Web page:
Home / Car Reviews / 2018 Hyundai Santa Fe Active Diesel Review

2018 Hyundai Santa Fe Active Diesel Review




If the situation calls for more than 5 seats there’s the classic dilemma of the humble people mover or the more exciting 7 seater SUV. Hyundai’s Santa Fe has been filling the 7 seater space for well over a decade now while with rivals beginning to crowd the market after introducing their own 7 seater offerings. With the keys to an entry-level Santa Fe Active Diesel for a week I managed to load up the seats with whoever I could coerce and see how it stands out from the competition.

As a big fan of the Hyundai Kona’s design style I was excited to see it applied to the bigger more capable Santa Fe and the end result is spectacular. The front end features aggressively slim daytime driving lights with the headlights located lower down and less likely to blind those in front as per its smaller sibling.

Body lines contour their way from the driving lights running the length of the car trailing their way into the rear tail lights which wouldn’t look out of place even on something with a luxury badge. There’s no question about it, the Santa Fe is a good looking SUV all round.

In the not too distant past there have been many cases of Korean cars delivering a stylish looks outside while making a mess of the inside and I’m glad to say that the Santa Fe’s beauty isn’t just skin deep.

For a base spec model it sure borrows a lot from its classed up siblings, there’s double stitched leather lining the dashboard, door trims, centre glovebox lid and even to the sides of the centre console trim. Don’t think you can write off the seats because they’re fabric rather than leather, the material both looks and feels wonderful while offering ample support with those grippy side bolsters. Stone effect inserts with a deep polygon texture adorn the door trims and dashboard giving the Santa Fe’s interior a far more upscale feel than you’d expect for the $46,000 asking price.

All three mid row seats are usable with extra leg room provided due to the lack of a driveshaft bulge even though our Santa Fe came all-wheel drive equipped. Keeping all manner of digital devices charged falls to the twin USB charging ports which are joined by a small storage pocket and aircon vents on the back of the centre console.

Up to two baby or child booster seats can be affixed to middle row where both outer seats come with ISOFIX child restraint anchors making the Santa Fe a solid contender for young families.

Kerb side parking dictates that getting into the third row is best done from the passenger side and at the touch of a button the mid row seat will both drop down and slide forward letting you step right in. Things do get somewhat cramped in the rear if the mid row seats are reclined and pushed all the way back, they’re still usable for children but adults will be begging for them to be slid forward sharing the available room.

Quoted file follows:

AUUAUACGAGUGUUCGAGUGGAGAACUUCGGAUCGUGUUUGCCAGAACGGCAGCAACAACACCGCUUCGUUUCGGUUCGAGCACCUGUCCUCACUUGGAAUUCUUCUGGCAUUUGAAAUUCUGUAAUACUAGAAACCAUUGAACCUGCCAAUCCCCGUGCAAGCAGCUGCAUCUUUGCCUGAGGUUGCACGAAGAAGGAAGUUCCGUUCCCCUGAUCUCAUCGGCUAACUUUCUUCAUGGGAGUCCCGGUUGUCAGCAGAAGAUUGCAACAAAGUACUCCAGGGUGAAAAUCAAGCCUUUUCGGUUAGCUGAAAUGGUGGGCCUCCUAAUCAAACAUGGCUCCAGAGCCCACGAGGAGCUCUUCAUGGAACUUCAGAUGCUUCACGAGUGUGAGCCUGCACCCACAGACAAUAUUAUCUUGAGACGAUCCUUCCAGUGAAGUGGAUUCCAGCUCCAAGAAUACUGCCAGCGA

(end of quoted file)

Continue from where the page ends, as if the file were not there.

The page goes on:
In Active guise, the Santa Fe makes the most of the manual air conditioning by providing an extra set of vents for the third row with adjustable fan speed, though for some reason the vent settings always reset after turning the car off which proved a minor annoyance over time.

Dropping the rear seats down opens up a substantial 547 litres of boot space with a completely flat floor and a maximum of 1625 litres after collapsing the mid row using the rear located set of buttons. There’s a 12V socket tucked away back there and hidden under the car lies the full size alloy wheel. Privacy for your cargo comes courtesy of the rear cargo cover which easily slips out from its dock leaving you to realise that there’s no elegant way of storing it onboard.

From a standing start the Santa Fe’s 2.2-litre turbocharged diesel 4-cylinder engine gets you moving and up to speed surprisingly briskly. This is thanks to 147kW of power that peaks at 3,800rpm and the very usable 440Nm of torque that holds from 1,750rpm to 2,750rpm.

The engine has plenty of get up and go down low and through the mid range without any noticeable drop off as you wind it up towards the redline. It’s got everything needed to handle the near 2 tons of weight and more. At low revs the familiar note of a diesel engine can be heard, though for the most part its a smooth and civilised power plant that’s easily drowned out by the stereo.

Naturally as a diesel the economy figures are impressive, officially rated at 7.5L/100km our 8.4L/100km wasn’t far off the mark. 8 gears from the sports automatic no doubt play their part in keeping the Santa Fe a light drinker, there’s plenty of gears to choose from and it’s never trapped holding a gear too long with the right ratio gear there when the engine needs it. It’s a smooth operating unit as well only ever kicking up a fuss if you back off just as it’s in the middle of an up shift.